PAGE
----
Wednesday, August 25, 2010

Reader Comment 08-25-10 ERP Requirements

I got a quick response from an anonymous reader to my blog posting this morning about the EPA ICR. Anonymous took exception to my comment about the lack of an emergency planning requirement in the CFATS program. Anonymous provided this quote from 6 CFR 27.230(a)(9):

“Response. Develop and exercise an emergency plan to respond to security incidents internally [emphasis added by PJC] and with assistance of local law enforcement and first responders;”
Anonymous is certainly correct that there is an emergency response component of CFATS, but it is limited to the on-site response. After all, facility management has no authority to do or require anything to be done off-site. And actually the same could be said for the emergency response requirement for water treatment facilities. Though, many of those facilities are owned by local municipalities so they may have more impact on off-site consequence planning.

I did not clarify that in my earlier blog post. That’s what comes from adding a toss off ‘by the way’ type comment to a blog post. I apologize for the lack of clarity.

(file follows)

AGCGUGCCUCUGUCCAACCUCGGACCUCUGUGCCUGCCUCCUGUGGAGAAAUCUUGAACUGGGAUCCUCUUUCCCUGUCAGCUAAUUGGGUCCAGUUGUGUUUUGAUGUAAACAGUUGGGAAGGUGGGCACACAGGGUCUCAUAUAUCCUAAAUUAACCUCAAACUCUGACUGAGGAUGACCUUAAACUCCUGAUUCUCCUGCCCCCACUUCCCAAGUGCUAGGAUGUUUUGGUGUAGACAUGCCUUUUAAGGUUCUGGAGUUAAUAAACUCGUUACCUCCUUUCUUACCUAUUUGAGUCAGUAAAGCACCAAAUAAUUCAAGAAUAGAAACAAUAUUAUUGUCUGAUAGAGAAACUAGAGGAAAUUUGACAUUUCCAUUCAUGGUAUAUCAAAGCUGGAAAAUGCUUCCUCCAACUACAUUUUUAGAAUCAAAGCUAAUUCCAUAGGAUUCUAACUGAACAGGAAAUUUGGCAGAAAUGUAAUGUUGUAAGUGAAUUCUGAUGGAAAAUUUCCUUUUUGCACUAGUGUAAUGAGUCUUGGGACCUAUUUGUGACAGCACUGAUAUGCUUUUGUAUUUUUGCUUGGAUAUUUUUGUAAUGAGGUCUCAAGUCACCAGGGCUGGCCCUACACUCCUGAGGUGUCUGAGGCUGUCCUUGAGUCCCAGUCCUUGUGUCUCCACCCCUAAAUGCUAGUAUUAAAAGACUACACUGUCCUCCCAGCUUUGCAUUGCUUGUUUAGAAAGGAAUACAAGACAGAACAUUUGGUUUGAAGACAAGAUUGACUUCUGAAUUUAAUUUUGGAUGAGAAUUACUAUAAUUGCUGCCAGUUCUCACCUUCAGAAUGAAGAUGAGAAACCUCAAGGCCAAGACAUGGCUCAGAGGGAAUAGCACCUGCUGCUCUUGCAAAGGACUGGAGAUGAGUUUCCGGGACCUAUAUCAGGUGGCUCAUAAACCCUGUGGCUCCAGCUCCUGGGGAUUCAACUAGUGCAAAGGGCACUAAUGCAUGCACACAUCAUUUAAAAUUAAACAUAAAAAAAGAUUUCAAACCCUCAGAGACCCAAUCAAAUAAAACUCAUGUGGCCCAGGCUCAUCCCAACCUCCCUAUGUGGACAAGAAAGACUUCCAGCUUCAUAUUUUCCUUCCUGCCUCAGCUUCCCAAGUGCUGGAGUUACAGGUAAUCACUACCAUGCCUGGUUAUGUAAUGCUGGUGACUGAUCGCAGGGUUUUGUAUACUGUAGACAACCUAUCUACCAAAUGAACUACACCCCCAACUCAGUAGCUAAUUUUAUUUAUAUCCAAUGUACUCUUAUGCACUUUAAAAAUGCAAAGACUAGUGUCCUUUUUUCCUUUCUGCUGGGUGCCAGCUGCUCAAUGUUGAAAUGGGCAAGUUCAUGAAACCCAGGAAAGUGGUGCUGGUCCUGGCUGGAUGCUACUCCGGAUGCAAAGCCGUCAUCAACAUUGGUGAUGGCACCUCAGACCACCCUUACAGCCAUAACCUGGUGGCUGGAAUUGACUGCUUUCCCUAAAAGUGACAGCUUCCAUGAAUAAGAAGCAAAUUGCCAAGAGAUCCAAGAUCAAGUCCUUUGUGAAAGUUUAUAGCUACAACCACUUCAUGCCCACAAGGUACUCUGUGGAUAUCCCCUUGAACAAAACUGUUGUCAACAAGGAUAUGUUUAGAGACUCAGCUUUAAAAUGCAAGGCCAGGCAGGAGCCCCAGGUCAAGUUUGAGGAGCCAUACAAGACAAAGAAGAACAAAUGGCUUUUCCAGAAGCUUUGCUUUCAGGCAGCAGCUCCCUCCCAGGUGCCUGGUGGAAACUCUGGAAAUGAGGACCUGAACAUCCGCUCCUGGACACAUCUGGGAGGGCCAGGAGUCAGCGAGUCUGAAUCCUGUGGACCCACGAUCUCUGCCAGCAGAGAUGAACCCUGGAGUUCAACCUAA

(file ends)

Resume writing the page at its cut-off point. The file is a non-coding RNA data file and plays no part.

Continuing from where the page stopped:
Off-Site Consequence Response

While on-site emergency response is important (and it certainly is to on-site personnel), the entire focus of the CFATS regulations is the prevention of off-site consequences. In setting up the regulatory authority to establish a program to prevent terrorist attacks at high-risk chemical facilities, Congress completely overlooked the requirement to be able to respond to such a successful attack.

The security and response communities know full well that it is impossible to completely and absolutely prevent a terrorist attack. A determined and well trained terrorist team will be able to find a workable hole in any security scheme, especially if they are willing to die in the execution of their attack.

This is why an effective off-site emergency response plan must be an integral part of any security operation. Unfortunately, while facilities might be liable for off-site consequences they have no authority to effect off-site planning, preparation, rehearsal or execution of an emergency response plan. At most they may be required to contribute money, information and expertise to such efforts.

This is why, when Congress actually gets around to authoritatively addressing the CFATS reauthorization issue they need to include a mandate for off-site emergency response planning through an organization like FEMA.

1 comment:

Henry Williams said...

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